Theo, Nick and Evie squash into the back seat.

‘We've got you booked into the Hilton.' Detective Vic Spry starts the housekeeping conversation. ‘It's a convenient spot, close to police headquarters and the Mile End area. Actually, we'll drive through Mile End on our way in.'

‘We'll pass where the Glendi Festival's held, too,' says Rory from behind the wheel. ‘Tell us if you want us to stop anywhere.'

‘Is there something there now?' asks Nick.

‘No,' answers Rory. ‘It's just parkland. The festival only goes for one weekend.'

‘I know all about the festival,' Theo says. ‘It's a celebration of Greek independence from the Turks.'

Theo launches into a history lecture on Greek–Turkish relations. Evie's sure the two detectives are rolling their eyeballs.

Nick winds down the window. ‘What else is at Mile End?' he asks.

‘There's a big railway terminal,' replies Vic. ‘It's where the Ghan, the Overland and the Indian Pacific meet.'

‘It's the Keswick Terminal.' Rory adds in the extras. ‘There's a goods line and a passenger line.'

‘Really?' Nick nods.

Evie isn't really following their conversation. It's that uncomfortable trying-to-break-the-ice, get-to-know-you kind of talk she'd rather avoid. Who cares what's there? she thinks. She's here to help Athena, not make boring small talk.

‘It's stuffy,' Evie says, slipping her shoulders out of the tweed coat.

‘Theo, wind down your window, mate,' Nick says.

Evie pulls open her jumper and blows into the neck. ‘I'm so hot.'

‘Here,' Theo says, helping her with her coat. ‘Give me that and take your jumper off.'

‘I hope you're not getting sick,' Nick sighs.

She senses the detectives exchange a look.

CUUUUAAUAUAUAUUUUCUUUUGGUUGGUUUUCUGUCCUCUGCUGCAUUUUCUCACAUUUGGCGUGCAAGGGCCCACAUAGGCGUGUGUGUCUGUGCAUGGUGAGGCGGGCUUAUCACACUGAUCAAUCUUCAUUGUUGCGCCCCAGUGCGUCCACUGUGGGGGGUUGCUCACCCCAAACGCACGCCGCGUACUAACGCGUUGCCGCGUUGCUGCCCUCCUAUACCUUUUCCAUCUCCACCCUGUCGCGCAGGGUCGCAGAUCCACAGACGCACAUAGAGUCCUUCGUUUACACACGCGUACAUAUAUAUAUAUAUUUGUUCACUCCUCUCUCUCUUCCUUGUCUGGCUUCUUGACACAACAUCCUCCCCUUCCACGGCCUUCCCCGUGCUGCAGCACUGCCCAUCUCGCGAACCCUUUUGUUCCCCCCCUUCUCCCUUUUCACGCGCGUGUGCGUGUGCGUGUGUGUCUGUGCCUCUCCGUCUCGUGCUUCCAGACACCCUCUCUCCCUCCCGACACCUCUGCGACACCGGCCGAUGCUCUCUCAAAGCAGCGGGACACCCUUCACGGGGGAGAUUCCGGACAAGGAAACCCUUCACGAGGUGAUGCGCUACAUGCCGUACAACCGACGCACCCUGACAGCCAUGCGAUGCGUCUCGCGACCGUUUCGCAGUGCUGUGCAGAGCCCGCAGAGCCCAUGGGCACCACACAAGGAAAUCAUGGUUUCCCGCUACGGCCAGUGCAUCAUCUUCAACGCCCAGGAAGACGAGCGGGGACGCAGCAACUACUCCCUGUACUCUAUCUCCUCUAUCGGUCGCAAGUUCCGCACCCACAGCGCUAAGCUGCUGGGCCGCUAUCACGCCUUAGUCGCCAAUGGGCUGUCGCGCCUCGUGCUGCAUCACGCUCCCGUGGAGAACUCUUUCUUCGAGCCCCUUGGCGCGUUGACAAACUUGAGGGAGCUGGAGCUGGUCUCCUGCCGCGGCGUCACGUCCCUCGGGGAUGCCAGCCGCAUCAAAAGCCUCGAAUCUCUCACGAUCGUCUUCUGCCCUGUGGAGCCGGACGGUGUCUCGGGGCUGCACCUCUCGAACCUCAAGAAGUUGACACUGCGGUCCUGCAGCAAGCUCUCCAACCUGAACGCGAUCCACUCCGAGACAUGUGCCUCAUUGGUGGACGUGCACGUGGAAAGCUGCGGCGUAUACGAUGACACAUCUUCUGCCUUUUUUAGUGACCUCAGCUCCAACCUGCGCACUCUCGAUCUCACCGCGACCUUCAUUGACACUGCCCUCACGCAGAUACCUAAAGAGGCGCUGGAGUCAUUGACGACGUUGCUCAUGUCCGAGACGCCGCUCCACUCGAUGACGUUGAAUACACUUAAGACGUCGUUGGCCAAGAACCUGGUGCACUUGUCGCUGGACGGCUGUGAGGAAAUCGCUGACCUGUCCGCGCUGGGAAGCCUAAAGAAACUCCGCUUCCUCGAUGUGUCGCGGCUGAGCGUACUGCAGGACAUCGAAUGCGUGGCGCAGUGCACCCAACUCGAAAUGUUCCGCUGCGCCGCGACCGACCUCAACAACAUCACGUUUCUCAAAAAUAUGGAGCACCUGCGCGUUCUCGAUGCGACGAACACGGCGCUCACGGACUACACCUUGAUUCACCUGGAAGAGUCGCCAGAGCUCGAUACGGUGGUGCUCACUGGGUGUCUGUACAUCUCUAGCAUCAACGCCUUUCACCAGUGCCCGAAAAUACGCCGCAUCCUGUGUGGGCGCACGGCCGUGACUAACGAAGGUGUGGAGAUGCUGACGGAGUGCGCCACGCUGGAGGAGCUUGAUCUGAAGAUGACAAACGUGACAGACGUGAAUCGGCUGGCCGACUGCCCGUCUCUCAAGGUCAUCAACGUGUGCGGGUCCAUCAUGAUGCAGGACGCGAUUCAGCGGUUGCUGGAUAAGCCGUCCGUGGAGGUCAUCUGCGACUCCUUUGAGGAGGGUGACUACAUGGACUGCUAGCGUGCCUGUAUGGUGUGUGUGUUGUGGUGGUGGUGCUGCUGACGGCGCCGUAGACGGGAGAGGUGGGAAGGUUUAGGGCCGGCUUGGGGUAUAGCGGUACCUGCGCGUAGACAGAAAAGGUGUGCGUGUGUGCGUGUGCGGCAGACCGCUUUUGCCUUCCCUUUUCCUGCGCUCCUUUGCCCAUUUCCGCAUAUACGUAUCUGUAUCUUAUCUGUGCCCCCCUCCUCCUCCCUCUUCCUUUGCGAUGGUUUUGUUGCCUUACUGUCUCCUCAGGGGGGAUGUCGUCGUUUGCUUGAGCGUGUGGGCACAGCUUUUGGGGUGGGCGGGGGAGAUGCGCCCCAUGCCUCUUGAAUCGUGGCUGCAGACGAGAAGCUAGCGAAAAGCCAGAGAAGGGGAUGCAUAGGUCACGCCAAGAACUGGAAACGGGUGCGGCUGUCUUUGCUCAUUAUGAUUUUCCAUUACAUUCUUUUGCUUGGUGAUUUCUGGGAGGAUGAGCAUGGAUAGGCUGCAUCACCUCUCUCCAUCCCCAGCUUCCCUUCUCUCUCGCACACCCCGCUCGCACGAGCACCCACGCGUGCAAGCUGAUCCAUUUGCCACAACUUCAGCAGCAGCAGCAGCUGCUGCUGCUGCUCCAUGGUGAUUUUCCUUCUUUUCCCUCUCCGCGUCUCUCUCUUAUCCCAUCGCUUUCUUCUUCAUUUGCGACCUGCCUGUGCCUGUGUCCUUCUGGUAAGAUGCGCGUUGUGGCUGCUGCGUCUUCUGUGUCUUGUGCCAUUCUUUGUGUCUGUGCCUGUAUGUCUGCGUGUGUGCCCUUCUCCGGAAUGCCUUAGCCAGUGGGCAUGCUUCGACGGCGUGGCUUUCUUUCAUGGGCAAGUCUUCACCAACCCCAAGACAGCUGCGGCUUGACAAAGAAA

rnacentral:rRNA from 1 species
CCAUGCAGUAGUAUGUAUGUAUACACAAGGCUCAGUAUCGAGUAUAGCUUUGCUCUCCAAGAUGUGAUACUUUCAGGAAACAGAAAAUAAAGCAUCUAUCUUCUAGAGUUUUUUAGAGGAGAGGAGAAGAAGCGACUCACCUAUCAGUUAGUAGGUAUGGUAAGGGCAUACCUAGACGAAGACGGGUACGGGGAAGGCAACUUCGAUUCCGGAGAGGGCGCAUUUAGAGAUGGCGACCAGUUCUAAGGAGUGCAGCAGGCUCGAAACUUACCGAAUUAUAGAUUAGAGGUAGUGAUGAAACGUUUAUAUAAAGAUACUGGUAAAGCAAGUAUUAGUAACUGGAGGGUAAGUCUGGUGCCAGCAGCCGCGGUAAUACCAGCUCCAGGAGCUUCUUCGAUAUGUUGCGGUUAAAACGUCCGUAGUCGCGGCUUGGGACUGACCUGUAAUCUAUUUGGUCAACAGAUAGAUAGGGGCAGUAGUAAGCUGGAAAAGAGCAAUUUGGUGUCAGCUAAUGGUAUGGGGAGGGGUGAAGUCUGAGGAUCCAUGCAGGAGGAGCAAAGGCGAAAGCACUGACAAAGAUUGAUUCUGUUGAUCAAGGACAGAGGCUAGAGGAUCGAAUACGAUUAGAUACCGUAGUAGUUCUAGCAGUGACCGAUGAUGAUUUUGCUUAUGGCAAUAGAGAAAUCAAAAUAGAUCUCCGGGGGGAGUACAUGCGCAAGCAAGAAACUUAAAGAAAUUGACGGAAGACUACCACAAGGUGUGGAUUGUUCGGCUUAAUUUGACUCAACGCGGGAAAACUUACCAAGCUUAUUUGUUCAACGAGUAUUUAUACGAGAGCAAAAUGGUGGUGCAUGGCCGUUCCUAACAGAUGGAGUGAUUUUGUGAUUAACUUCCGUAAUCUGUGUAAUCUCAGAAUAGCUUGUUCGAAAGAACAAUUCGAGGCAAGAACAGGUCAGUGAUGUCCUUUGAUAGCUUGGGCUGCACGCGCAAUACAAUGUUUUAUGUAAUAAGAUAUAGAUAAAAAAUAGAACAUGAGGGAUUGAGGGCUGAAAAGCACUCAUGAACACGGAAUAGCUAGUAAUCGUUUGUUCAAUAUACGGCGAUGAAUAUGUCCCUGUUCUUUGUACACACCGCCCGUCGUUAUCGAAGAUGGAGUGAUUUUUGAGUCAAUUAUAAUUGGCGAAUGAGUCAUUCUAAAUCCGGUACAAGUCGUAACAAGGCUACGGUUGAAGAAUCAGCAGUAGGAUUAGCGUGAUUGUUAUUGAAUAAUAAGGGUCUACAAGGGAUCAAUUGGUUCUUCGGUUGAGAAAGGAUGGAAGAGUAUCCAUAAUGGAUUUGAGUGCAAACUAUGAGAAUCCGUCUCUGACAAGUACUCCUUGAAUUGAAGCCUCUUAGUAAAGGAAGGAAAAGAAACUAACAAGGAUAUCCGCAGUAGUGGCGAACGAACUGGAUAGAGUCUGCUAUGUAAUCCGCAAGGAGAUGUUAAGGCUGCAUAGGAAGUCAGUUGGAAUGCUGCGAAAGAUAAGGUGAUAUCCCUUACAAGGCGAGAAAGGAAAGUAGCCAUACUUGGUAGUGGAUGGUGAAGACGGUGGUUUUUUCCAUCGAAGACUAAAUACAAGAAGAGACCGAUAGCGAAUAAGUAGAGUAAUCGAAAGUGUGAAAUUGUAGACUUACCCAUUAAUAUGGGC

‘Stop the car,' she calls, surprising herself as much as the others.

‘What is it?' asks Nick.

‘We're here, aren't we?' Evie says to them. She leans over her father and looks out the window. ‘This is where the festival's held, isn't it?'

Rory turns around. ‘Do you want to get out?'

‘I'm so hot.' She pulls at her seatbelt. ‘I want to get something out of the boot.'

‘What is it, Evie?'

‘It's just something I need, Dad,' she snaps. ‘God, I'm suffocating in here.'

She can't undo the belt. The clasp is stuck. She tugs at it.

‘I can't believe I forgot it,' she keeps muttering. ‘I can't believe it. Can someone let me out of this car? I can't, can't – breathe!'

Evie rips the belt off, fighting her way out of the car. She leans over the boot shaking, trying to get her breath.

‘Get someone to open the boot, Dad.'

Rory presses the magic button and the boot pops open.

Evie pulls her bag out and starts rummaging through it. ‘I know I packed it,' she says over and over. ‘I did. I know I did.'

Nick, Theo and the detectives stand back, watching her. She is almost chucking things out of her bag. Things she wouldn't normally like strangers to see – bras, undies, tights, a packet of panty liners.

‘Got it!'

She opens the lid of a small black box and slips the square-shaped silver bangle over her wrist. The comfort wraps around her like the softest woollen blanket.

The men still watch in silence.

‘My mother's bangle?' Nick stammers.

Evie shrugs. She knows to them she looks crazy, yet she doesn't care and even that feels strange.

‘Do you want to have a walk around?' Rory finally says, back to business.

‘Okay,' says Evie. ‘Do you mind if I go by myself?'

‘We'll wait here,' he replies. ‘Give us a yell if you need anything.'

Evie wanders around the park. She can see the men standing by the car. Vic's smoking and Theo and Rory are chatting. Her dad hasn't taken his eyes off her.

A jumbled sound drifts towards her. Every now and then it gets a little louder. Evie walks towards it. It's so close
now. Music, screaming, laughter; it's just for her ears. ‘Does the festival have rides?' she calls.

Rory comes over to where she's standing. ‘They have a merry-go-round, dodgem cars, a ferris wheel –'

Suddenly she interrupts. ‘There's the star!' Evie is pointing to the air.

Rory looks up.

‘It's so big,' she gasps. ‘The star's all lit up. It's going around and around.'

In her mind's eye she can see the back of Athena, her long, dark hair falling behind her as she walks towards the star. Evie follows her through the noise.

‘Oh, she doesn't want to go on it.' There's a whining sound to her voice. Evie reaches out her hand. ‘No. Don't. Stop it! He's taking her hand. He's making her. He says she has to. He says she's chicken.'